18 Jan Addiction and Potential
I have written before about how fear gets in our way in realizing our potential so I am not going to go too far into it here, but when it comes to feeling stuck, you can bet that fear is in the way. So if we are talking about actualizing one’s potential and reaching out to succeed, we usually have to be ready for several scary things: inevitable failure/mistakes, not going as we planned, learning new things, overcoming past experiences, dealing with new relationships, and on goes the list. Ultimately we have to risk, and if our fear wins the battle, then we stay stagnant. I will use the analogy of sitting in a chair to describe stagnation and getting up and walking toward our dreams as actualizing potential. We can often sit in that chair and wait, just watching everything from a sedentary position, and we move no closer to actualizing or going after what we want. Standing up from the chair can be scary but once we are totally up on our feet and have taken a step it can also be extremely empowering, almost literally energizing.
Back to this idea of a double bind and how addiction can keep a person stuck. The conflicting messages within this double bind would be “don’t get up and move toward anything you want, you might die” and “you’ve got to get up and reach your potential or you will die.” I used death here to illustrate how debilitating these two messages can be. Which one am I supposed to listen to? How do I cope with this stagnation and my fear of getting out of this chair? I must escape into some other “experiential” endeavor or I won’t be able to handle sitting here. Enter any type of addiction: drugs, alcohol, sex, extramarital affairs, gambling, food, work, relationships. The reason this can become a real problematic cycle is that the addiction allows you to do the very thing that is hurting you most: not realizing your potential, not stepping out into the world and engaging in it as your self. The addiction makes it bearable to sit in the chair forever, but the more you sit in the chair the more you need the addiction, and the more you use the addiction, the harder it is to get up. If you picture a cup, and filling it to the top is happiness, peace, actualizing one’s potential, then addiction is like a hole halfway up the cup where water will always leak out and you’ll never experience full happiness and peace.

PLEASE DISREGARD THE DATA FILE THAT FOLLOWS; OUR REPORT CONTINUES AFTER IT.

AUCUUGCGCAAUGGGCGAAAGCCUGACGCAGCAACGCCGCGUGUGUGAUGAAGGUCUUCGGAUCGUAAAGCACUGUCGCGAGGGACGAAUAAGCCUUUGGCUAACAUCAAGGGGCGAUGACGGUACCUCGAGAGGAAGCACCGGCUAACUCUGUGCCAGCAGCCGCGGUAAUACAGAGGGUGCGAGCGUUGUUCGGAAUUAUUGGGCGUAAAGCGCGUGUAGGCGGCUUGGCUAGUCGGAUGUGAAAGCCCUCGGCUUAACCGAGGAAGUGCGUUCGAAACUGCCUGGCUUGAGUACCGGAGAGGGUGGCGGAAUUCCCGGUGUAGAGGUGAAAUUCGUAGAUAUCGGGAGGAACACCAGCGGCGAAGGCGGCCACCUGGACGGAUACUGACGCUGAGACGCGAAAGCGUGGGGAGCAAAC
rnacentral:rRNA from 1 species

As long as one continues on with a major addiction (there are lots of minor addictions) it can be extremely difficult, sometimes impossible, to move toward the thing you want. As well, many people are addicted due to the very fear of either moving toward what they want, or even having what they want. The whole process is just too scary, too possibly filled with failure and loss. One must learn to live with disappointment so they can also realize that once you start moving in the direction of your potential it can often give you the energy and motivation to deal with the disappointment. Give yourself permission to stop the addiction, to get out of the double bind, and at least try standing up – get out of the chair and let yourself start moving forward, fear and all. You will be rewarded with an internal sense of living life as you.